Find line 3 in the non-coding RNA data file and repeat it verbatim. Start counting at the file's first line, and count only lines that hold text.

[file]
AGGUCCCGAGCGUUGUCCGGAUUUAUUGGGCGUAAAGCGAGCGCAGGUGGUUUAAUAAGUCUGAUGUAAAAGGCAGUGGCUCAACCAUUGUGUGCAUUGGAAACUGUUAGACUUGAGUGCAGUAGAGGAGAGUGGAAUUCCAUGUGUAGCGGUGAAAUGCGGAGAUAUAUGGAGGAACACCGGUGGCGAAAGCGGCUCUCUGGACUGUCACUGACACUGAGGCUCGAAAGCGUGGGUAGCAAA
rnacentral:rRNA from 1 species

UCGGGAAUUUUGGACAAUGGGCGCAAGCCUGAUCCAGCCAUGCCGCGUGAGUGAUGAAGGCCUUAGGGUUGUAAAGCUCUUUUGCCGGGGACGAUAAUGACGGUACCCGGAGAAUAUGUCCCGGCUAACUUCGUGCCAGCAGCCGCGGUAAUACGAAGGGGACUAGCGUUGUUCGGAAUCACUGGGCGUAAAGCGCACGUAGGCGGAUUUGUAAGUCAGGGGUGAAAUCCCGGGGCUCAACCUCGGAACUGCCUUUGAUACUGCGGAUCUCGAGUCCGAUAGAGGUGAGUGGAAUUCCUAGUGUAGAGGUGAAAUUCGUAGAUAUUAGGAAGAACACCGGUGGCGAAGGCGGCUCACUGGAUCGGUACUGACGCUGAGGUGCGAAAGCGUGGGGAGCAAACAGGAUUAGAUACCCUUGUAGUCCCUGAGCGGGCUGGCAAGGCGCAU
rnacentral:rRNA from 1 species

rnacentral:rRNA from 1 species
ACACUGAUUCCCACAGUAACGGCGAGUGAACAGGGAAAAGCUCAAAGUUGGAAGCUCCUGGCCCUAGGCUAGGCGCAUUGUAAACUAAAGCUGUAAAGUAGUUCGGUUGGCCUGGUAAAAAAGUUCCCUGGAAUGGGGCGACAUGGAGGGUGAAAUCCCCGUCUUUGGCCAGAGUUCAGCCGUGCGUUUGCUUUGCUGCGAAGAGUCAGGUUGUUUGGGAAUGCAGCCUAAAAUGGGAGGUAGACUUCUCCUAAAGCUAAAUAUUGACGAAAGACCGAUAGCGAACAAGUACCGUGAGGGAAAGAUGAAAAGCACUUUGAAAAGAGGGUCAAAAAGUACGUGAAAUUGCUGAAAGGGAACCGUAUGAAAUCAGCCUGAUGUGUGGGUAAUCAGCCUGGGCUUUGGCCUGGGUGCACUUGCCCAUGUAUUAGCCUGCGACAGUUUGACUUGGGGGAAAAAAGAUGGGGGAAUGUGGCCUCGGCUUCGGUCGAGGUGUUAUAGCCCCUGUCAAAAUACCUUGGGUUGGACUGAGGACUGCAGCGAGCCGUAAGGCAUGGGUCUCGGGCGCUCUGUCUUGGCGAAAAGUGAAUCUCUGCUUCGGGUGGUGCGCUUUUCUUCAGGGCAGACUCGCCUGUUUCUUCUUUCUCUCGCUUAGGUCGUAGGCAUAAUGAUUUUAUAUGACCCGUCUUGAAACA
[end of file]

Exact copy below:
UCGGGAAUUUUGGACAAUGGGCGCAAGCCUGAUCCAGCCAUGCCGCGUGAGUGAUGAAGGCCUUAGGGUUGUAAAGCUCUUUUGCCGGGGACGAUAAUGACGGUACCCGGAGAAUAUGUCCCGGCUAACUUCGUGCCAGCAGCCGCGGUAAUACGAAGGGGACUAGCGUUGUUCGGAAUCACUGGGCGUAAAGCGCACGUAGGCGGAUUUGUAAGUCAGGGGUGAAAUCCCGGGGCUCAACCUCGGAACUGCCUUUGAUACUGCGGAUCUCGAGUCCGAUAGAGGUGAGUGGAAUUCCUAGUGUAGAGGUGAAAUUCGUAGAUAUUAGGAAGAACACCGGUGGCGAAGGCGGCUCACUGGAUCGGUACUGACGCUGAGGUGCGAAAGCGUGGGGAGCAAACAGGAUUAGAUACCCUUGUAGUCCCUGAGCGGGCUGGCAAGGCGCAU